Russia’s influence reaches deep into Western Europe. France has a major far-right, Eurosceptic, and openly pro-Russian party that receives funding from the Kremlin. In London, Brexit provides an opportunity for Moscow to gain a toehold in British politics. Germany’s former Chancellor Gerhard Schröder serves as chairman of the Russian-German pipeline Nord Stream. But these examples hardly scratch the surface of Russia’s active involvement in Europe’s three great powers.
There is no single formula for how Russia projects power in Europe, but the goal of its Trojan Horse strategy is the same: to build a web of political leaders, parties, and civil society organizations that will legitimize Russia’s aims to destabilize European unity and undermine European values. In the West, the Russian government cannot rely on a large and highly concentrated Russian-speaking minority as its target of influence and lacks the same historical or cultural links. In this context, the Kremlin’s destabilization tactics have been subtler. These are the conclusions of a new Atlantic Council report, The Kremlin’s Trojan Horses.
The web of political networks is hidden and non-transparent by design, making it purposely difficult to expose. Traceable financial links would inevitably make Moscow’s enterprise less effective: when ostensibly independent political figures call for closer relations with Russia, the removal of sanctions, or criticize the EU and NATO, it legitimizes the Kremlin’s worldview. It is far less effective, from the Kremlin’s point of view, to have such statements come from individuals or organizations known to be on the Kremlin’s payroll.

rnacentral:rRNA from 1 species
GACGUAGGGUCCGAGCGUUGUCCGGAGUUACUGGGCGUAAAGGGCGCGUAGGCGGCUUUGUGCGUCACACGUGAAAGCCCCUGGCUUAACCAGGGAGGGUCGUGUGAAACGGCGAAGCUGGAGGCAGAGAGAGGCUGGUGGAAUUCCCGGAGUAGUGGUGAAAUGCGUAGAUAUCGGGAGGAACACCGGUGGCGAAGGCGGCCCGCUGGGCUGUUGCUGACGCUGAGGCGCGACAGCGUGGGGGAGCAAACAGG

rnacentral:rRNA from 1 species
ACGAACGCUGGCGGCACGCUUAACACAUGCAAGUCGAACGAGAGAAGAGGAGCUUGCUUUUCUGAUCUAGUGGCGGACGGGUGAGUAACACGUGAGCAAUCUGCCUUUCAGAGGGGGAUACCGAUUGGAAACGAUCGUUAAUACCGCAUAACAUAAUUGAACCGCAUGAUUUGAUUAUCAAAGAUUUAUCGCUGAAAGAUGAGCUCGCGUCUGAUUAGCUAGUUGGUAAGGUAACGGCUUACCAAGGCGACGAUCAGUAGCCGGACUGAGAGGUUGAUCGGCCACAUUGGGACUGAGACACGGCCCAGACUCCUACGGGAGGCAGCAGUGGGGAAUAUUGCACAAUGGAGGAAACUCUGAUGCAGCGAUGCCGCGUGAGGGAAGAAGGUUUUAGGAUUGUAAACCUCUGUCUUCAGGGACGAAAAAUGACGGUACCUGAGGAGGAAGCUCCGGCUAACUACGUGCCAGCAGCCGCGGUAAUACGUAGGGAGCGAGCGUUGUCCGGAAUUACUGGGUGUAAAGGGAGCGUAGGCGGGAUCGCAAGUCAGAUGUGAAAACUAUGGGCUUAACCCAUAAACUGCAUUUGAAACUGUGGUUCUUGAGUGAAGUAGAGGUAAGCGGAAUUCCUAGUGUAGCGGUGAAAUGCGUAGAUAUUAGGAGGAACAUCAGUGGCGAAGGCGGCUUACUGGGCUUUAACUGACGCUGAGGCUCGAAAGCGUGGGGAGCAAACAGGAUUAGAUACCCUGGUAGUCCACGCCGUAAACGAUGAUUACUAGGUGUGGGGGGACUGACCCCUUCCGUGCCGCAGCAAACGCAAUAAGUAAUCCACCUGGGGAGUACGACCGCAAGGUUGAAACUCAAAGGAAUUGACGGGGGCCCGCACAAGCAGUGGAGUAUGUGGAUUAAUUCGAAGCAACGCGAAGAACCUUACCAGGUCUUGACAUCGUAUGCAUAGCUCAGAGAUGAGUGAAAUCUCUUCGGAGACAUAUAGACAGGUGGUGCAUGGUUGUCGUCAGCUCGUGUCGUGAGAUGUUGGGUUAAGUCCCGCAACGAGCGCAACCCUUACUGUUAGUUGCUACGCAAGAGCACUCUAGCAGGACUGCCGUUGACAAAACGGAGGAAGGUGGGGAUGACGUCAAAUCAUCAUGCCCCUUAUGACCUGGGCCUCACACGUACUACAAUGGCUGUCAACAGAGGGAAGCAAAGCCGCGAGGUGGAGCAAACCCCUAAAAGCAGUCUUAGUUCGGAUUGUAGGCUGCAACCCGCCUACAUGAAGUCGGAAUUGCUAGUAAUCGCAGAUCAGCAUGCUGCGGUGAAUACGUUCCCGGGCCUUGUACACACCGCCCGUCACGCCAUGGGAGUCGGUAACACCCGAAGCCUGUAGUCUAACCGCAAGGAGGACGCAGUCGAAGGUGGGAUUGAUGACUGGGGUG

Since the 2008 economic crisis, which provoked mistrust in the Western economic model, the Kremlin saw an opportunity to step up its influence operations in Europe. Russia has developed well-documented relationships with anti-EU, far-right political parties and leaders. Their influence strategy is tailored to each country’s cultural and historical context.
Russia’s two main inroads into French politics are through business and politics. In 2014, National Front received a nine million Euros loan from the Moscow-based First Czech Russian Bank. In 2016, National Front President Marine Le Pen asked Russia for an additional twenty-seven million Euros loan to prepare for the 2017 presidential and parliamentary campaigns. Le Pen’s party supported Russia’s annexation of Crimea, and some analysts see these loans as quid pro quo. Her party faces no legal consequences for receiving large payments from a bank owned by a foreign power. Yet private businesses cannot make political donations to parties; the same rules should apply to foreign governments and their subsidiaries.